Law Enforcement Cannot Freeze Assets Not Tied to Crimes, Supreme Court Rules
The U.S. Supreme Court, in a 5–to-3 decision, has ruled that federal law enforcement may not freeze an accused’s assets needed to pay criminal defense lawyers if the assets are not linked to a crime. Luis v. United States, No. 14-419 (Mar. 30, 2016).
A federal statute provides that a court may freeze before trial certain assets belonging to a defendant accused of violations of specified federal laws, including statutes covering federal health care or banking. Those assets may include (1) property “obtained as a result of” the crime, (2) property “traceable” to the crime, and (3) as relevant in Luis, other “property of equivalent value.” 18 U.S.C. § 1345(a)(2).
The Luis case arose from the prosecution of Sila Luis on charges of Medicare fraud involving $45 million in charges for unneeded or nonexistent services. The Government alleged that Ms. Luis’s profits from the fraud had been spent by the time the charges were filed. Relying on § 1345(a)(2), law enforcement asked the judge to freeze $2 million of her funds that were not connected to the alleged fraud, saying the money would be used to pay fines and provide restitution if she were convicted. Ms. Luis challenged law enforcement’s request, asserting that she needed the money to pay her attorneys. The trial judge ultimately issued the order and froze Ms. Luis’s assets. An appellate court affirmed.
The U.S. Supreme Court ruled that the judge’s order violated Ms. Luis’s Sixth Amendment right to the assistance of counsel. Justice Stephen G. Breyer, in a plurality opinion also signed by Chief Justice John G. Roberts, Justice Ruth Bader Ginsburg, and Justice Sonia Sotomayor, wrote that the government can seize “a robber’s loot, a drug seller’s cocaine, a burglar’s tools, or other property associated with the planning, implementing, or concealing a crime,” but cannot freeze money or other assets unconnected to the crime. Justice Breyer pointed out that, although the government’s interest in recovering money is important, the right to counsel is a fundamental constitutional guarantee.
Justice Breyer was careful, however, to hold that the Luis ruling did not change the general framework established by United States v. Monsanto, a 1989 decision that said freezing assets was permissible, even if it frustrated the defendant’s ability to hire a lawyer, as long as there was probable cause that a crime had been committed and the assets were linked to the offenses described in the indictment.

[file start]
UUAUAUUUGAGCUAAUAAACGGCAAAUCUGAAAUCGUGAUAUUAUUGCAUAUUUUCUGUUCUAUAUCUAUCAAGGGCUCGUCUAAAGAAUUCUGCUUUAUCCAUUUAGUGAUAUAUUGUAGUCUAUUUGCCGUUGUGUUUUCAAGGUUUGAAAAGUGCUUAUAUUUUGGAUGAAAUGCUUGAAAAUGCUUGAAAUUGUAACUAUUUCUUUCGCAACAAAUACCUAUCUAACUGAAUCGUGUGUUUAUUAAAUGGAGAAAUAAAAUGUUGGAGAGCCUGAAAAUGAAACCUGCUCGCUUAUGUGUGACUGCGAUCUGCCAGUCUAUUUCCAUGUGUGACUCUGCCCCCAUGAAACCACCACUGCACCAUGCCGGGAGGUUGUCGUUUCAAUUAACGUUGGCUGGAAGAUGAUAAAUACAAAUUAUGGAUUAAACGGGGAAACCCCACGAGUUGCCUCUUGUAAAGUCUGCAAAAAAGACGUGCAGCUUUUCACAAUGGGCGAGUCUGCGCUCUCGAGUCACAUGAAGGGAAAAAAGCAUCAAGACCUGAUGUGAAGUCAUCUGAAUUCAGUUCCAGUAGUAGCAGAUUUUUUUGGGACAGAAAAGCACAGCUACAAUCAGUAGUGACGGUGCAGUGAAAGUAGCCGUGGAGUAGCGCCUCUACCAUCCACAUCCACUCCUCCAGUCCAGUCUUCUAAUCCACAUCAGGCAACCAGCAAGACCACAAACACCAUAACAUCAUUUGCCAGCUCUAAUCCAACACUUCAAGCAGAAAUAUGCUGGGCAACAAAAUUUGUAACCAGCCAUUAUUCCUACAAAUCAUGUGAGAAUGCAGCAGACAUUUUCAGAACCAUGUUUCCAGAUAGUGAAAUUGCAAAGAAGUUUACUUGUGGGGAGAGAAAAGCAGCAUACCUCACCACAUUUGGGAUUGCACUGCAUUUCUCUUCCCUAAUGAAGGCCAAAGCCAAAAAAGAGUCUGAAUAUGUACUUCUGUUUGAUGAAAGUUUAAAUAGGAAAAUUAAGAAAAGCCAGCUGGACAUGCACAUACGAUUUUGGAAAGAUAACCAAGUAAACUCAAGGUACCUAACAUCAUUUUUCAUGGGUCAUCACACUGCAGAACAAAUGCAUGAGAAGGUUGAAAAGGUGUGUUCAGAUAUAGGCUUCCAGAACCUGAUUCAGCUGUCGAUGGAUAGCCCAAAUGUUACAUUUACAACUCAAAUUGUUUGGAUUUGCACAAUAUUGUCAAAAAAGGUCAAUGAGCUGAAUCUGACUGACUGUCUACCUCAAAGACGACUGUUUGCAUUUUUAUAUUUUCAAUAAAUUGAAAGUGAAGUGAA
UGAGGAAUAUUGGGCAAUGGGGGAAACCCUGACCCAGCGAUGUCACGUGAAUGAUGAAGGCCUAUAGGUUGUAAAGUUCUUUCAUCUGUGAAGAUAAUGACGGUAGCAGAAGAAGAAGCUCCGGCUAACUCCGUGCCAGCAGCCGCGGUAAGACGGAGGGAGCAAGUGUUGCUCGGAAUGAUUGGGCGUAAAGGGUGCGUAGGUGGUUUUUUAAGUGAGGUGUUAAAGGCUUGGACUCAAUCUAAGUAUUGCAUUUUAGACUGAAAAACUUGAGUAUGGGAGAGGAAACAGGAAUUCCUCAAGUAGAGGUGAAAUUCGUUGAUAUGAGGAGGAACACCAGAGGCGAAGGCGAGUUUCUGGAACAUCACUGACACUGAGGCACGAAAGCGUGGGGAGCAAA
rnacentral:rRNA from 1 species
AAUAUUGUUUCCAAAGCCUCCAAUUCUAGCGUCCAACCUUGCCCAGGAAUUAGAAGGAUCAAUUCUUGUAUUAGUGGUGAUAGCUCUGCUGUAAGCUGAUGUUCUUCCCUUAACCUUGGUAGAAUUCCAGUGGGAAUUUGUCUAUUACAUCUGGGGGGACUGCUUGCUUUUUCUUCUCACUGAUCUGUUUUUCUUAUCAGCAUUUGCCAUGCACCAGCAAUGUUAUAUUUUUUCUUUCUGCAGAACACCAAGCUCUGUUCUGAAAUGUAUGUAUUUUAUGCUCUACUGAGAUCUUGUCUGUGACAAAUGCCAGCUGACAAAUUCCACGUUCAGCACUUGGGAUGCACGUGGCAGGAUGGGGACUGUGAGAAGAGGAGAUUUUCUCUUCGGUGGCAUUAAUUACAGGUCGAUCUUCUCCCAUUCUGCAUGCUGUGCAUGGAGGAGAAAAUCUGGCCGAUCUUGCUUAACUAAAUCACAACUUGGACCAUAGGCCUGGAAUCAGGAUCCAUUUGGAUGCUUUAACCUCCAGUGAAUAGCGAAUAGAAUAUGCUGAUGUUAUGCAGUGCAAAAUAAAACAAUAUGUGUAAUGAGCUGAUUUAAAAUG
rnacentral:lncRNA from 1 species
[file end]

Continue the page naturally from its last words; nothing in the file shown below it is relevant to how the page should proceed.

Justice Clarence Thomas, providing the fifth vote needed to reverse the lower courts, concurred in the judgment but did not adopt what he called the plurality’s balancing approach. While agreeing with the ultimate result, he wrote that if the right to counsel is a fundamental constitutional guarantee, it cannot be weighed against other interests.
In dissent, Justice Anthony M. Kennedy, joined by Justice Samuel A. Alito, Jr., wrote that the decision by the Court “rewards criminals who hurry, conceal, or launder stolen property.” Justice Kennedy stated that “[t]he true winners today are sophisticated criminals who know how to make criminal proceeds look untainted.”
In a separate dissent, Justice Elena Kagan maintained that she found the Court’s 1989 Monsanto decision troubling, but maintained that it required ruling against Ms. Luis, rather than drawing baseless divisions. Justice Kagan wrote, “The thief who immediately dissipates his ill-gotten gains and thereby preserves his other assets is no more deserving of chosen counsel than the one who spends those two pots of money in reverse order. Yet the plurality would enable only the first defendant, and not the second, to hire the lawyer he wants.” Justice Kagan continued, “I cannot believe the Sixth Amendment draws that irrational line, much as I sympathize with the plurality’s effort to cabin Monsanto.”